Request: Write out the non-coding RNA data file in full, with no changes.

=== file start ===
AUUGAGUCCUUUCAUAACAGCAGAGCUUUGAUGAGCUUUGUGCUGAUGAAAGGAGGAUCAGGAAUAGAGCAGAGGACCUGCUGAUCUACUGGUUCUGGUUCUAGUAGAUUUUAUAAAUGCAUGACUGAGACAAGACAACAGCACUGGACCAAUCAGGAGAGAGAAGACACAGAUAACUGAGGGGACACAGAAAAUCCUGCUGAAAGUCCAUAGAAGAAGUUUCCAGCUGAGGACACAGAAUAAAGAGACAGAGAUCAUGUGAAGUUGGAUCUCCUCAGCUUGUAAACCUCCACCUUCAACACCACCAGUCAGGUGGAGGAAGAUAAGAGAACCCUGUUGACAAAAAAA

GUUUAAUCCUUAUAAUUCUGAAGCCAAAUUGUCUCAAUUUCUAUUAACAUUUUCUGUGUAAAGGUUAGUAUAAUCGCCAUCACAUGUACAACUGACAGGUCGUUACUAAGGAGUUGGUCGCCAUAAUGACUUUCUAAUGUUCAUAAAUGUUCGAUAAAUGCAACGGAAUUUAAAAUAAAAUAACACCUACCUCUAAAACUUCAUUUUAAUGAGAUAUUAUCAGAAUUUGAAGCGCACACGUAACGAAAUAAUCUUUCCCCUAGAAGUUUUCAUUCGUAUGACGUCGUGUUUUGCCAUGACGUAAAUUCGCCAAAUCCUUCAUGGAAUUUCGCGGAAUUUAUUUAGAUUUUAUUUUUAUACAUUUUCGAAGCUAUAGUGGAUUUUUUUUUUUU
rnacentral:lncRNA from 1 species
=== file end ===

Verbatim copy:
AUUGAGUCCUUUCAUAACAGCAGAGCUUUGAUGAGCUUUGUGCUGAUGAAAGGAGGAUCAGGAAUAGAGCAGAGGACCUGCUGAUCUACUGGUUCUGGUUCUAGUAGAUUUUAUAAAUGCAUGACUGAGACAAGACAACAGCACUGGACCAAUCAGGAGAGAGAAGACACAGAUAACUGAGGGGACACAGAAAAUCCUGCUGAAAGUCCAUAGAAGAAGUUUCCAGCUGAGGACACAGAAUAAAGAGACAGAGAUCAUGUGAAGUUGGAUCUCCUCAGCUUGUAAACCUCCACCUUCAACACCACCAGUCAGGUGGAGGAAGAUAAGAGAACCCUGUUGACAAAAAAA

GUUUAAUCCUUAUAAUUCUGAAGCCAAAUUGUCUCAAUUUCUAUUAACAUUUUCUGUGUAAAGGUUAGUAUAAUCGCCAUCACAUGUACAACUGACAGGUCGUUACUAAGGAGUUGGUCGCCAUAAUGACUUUCUAAUGUUCAUAAAUGUUCGAUAAAUGCAACGGAAUUUAAAAUAAAAUAACACCUACCUCUAAAACUUCAUUUUAAUGAGAUAUUAUCAGAAUUUGAAGCGCACACGUAACGAAAUAAUCUUUCCCCUAGAAGUUUUCAUUCGUAUGACGUCGUGUUUUGCCAUGACGUAAAUUCGCCAAAUCCUUCAUGGAAUUUCGCGGAAUUUAUUUAGAUUUUAUUUUUAUACAUUUUCGAAGCUAUAGUGGAUUUUUUUUUUUU
rnacentral:lncRNA from 1 species